by Andrée Lavoie, Manuscript Division
In passing from hand to hand and traveling from pillar to post there were some technical difficulties with this article in the last issue of the magazine. To correct the errors that were created and pay due homage to these three giants of the cultural scene in Quebec, we are reprinting this piece.
The National Archives of Canada recently had the good fortune to acquire the archives of Gratien Gélinas, Michelle Tisseyre and Pierre Gauvreau. Their work within la francophonie has undeniably been etched into the cultural history of our society. These pioneers of theatre, radio and television have had an exceptionally long period of activity lasting more than 40 years.
Gratien Gélinas, born in 1909 in Saint-Tite-de-Champlain, Quebec, showed an interest in theatre during his classical studies. In 1931, along with some friends, he founded La troupe des anciens du Collège de Montréal, yet he had already been playing for a few years with the Montreal Repertory Theatre, as well as on radio, where he had his real professional début in 1934 at radio station CKAC. In 1937, he created the character “Fridolin” for a series originally called Le Carrousel de la gaieté, that became Le Train de plaisir during the following two years. Fridolin, the most popular character on radio and an integral part of French Canadian culture, came back in 1938 with the Fridolinons review and was presented at the Monument National Theatre until 1946. He returnedten years later at the Orphéum Theatre in Montreal in Fridolinades ‘56. Because of its huge success, the National Film Board produced the film Fridolinons ‘45.
In December 1945, Gratien Gélinas shared the limelight with Miriam Hopkins in St. Lazare’s Pharmacy presented first at His Majesty’s Theatre in Montreal and then for several months in Chicago. In 1948, he created the character Tit-Coq, a sort of Fridolin-turned-soldier. The play of the same name, which has often been called the first true piece of French Canadian drama, was an overwhelming success. It was the first play to be presented in French and in English in Canada and the United States and played 542 times in 1951 alone, an all-time record. Gratien Gélinas adapted the play to the screen in 1952, and the following year it obtained the prize for the Best Canadian Film at the Canadian Film Awards. This wasn’t Gélinas’ first try at movie-making. In 1942 he wrote and directed La Dame aux camélias, la vraie, a parody on Dumas’ work, in which he played the lead role, the character Fridolin. This medium-length film would be the first talking, colour film shot in Canada. His passion for cinema never diminished throughout his career. He became president of the Canadian Cinema Industry Development Corporation (later Telefilm Canada) from 1969 to 1978, and went on to act in Bonheur d’occasion, Agnes of God and Les Tisserands du pouvoir.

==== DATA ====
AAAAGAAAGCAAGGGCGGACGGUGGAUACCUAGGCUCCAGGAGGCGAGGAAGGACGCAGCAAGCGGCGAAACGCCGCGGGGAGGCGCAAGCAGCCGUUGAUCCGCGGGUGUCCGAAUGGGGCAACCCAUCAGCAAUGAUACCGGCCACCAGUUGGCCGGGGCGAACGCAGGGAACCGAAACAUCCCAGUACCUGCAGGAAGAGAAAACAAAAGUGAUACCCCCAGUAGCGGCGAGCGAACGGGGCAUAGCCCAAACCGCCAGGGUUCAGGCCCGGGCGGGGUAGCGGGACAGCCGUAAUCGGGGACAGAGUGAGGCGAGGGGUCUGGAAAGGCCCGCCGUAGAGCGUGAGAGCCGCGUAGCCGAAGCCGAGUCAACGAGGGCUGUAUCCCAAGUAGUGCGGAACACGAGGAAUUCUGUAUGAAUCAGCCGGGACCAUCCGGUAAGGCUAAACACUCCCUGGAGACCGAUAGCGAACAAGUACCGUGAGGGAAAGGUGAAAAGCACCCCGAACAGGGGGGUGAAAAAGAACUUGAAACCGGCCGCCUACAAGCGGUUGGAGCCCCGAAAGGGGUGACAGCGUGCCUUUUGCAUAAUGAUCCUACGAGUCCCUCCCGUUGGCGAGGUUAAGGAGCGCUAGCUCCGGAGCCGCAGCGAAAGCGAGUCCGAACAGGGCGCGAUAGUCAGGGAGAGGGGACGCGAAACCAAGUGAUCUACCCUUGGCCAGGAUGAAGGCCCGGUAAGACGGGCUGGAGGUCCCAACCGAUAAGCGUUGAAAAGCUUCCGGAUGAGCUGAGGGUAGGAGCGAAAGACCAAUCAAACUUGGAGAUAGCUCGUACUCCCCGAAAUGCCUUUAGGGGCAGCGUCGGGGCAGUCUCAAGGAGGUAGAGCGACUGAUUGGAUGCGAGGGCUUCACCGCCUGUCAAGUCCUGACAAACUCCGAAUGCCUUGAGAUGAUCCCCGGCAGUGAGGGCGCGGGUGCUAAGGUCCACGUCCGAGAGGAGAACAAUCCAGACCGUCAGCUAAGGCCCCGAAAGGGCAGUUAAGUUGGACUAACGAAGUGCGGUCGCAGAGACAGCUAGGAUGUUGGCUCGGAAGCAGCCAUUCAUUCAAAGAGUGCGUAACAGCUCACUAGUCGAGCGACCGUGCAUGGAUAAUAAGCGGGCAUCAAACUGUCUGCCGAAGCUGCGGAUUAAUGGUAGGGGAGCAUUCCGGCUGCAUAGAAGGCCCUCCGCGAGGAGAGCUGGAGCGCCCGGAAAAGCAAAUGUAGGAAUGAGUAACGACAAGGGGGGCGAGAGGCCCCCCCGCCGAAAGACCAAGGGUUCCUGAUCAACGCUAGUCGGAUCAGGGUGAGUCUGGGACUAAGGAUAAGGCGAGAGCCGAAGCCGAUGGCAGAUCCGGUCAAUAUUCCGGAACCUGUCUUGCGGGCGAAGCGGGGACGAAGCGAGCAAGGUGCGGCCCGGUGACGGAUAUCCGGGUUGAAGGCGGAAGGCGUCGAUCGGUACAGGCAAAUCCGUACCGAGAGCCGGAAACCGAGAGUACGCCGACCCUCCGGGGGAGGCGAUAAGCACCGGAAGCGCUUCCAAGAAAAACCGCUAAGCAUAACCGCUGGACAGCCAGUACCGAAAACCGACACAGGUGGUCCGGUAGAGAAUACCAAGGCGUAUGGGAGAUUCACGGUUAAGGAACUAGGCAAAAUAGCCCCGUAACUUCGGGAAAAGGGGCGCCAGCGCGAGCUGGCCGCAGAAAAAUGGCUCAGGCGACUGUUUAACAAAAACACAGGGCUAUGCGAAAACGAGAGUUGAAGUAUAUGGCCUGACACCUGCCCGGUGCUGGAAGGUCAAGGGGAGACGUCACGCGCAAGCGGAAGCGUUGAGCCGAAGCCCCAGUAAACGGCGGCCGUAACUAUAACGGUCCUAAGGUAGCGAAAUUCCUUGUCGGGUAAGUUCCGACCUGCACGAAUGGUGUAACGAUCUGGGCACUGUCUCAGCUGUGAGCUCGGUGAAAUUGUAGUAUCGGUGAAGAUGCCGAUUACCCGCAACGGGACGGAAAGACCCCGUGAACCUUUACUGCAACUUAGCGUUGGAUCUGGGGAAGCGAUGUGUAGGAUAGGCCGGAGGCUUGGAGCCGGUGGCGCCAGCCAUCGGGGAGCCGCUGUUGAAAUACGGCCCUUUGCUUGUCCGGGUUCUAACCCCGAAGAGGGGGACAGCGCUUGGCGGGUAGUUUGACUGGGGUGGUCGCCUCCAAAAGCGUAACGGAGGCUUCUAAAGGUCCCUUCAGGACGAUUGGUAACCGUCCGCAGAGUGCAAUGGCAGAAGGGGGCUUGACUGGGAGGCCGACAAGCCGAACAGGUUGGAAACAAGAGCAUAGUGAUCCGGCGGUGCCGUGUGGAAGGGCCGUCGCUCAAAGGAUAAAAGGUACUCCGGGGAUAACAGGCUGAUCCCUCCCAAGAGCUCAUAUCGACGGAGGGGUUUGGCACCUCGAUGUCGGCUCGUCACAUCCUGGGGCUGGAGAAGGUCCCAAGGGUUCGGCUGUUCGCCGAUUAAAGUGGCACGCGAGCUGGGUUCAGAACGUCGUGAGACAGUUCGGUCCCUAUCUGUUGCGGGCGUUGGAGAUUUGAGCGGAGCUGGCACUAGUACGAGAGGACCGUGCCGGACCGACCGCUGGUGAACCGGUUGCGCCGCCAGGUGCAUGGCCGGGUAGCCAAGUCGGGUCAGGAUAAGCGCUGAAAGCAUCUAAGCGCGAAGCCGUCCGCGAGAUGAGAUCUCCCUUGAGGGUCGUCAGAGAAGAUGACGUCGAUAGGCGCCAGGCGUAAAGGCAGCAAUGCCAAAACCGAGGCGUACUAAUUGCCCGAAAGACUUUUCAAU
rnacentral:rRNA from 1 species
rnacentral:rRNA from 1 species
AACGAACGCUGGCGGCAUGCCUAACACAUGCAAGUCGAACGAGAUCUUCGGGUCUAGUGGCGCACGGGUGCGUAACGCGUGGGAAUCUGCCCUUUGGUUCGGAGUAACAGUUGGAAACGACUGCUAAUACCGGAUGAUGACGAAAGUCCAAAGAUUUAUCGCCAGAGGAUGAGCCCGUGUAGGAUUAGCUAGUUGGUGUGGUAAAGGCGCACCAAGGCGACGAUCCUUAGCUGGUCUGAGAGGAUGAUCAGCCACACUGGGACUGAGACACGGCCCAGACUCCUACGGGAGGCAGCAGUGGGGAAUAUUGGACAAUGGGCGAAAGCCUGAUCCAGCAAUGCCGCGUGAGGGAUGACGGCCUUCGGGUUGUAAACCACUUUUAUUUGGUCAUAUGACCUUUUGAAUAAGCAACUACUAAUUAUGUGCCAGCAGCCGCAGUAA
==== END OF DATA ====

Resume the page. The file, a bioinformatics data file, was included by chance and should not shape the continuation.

Gratien Gélinas as Fridolin at the Collège de Montréal, May 21, 1942. Photo by Henri Paul.
In 1954, Gratien Gélinas worked in television at Radio-Canada as a writer and starred in the series Les Quat’fers en l’air. In 1956, he spent the season with the Stratford Shakespearean Festival. To encourage the production of Canadian works, he founded la Comédie Canadienne in 1957 and was its director for more than ten years. The company ceased to exist in 1971, and was bought by the Théâtre du Nouveau Monde in 1972.
Bousille et les justes, (Bousille and the Just), the second play written by Gratien Gélinas in 1959, played more than 300 times, in English and in French. It was adapted in several languages for performances in Czechoslovakia, Germany, Poland, and Finland (where Tit-Coq had also played). It was also presented on English, Scottish and Irish television by the BBC. In 1962, after a long tour of Canada, the play was broadcast in English and in French by the CBC and Radio-Canada, and it played eight times during Canada Week at the World Exposition in Seattle, U.S.A.
In 1964, Gratien Gélinas presented Le Diable à quatre, the eleventh review of current events in the series. His third play, Hier, les enfants dansaient, was brought to the stage in 1966 and presented in English as Yesterday, the Children Were Dancing at the Charlottetown Festival the following year. The play was also presented on all of the member stations of the public broadcasting network in the United States in 1971.
In 1986, Gratien Gélinas ended his writing career with a fourth play, La passion de Narcisse Mondoux, in which he played alongside actress Huguette Oligny in more than 500 performances in French and English. The last presentation was in Toronto in 1991.
His protean career as an actor, author, theatre director and cultural administrator earned him honourary degrees from eleven Canadian universities. In 1949, the Université de Montréal presented Gélinas with the first honourary doctorate granted to a person from the theatre in Canada. He was awarded the Chevalier de l’Ordre de la Pléiade de l’Assemblée internationale des parlementaires de langue française, section du Québec in 1991 and section de Paris in 1994, in recognition of his immense contribution to la francophonie.
Gratien Gélinas died in March 1999, at the age of 89.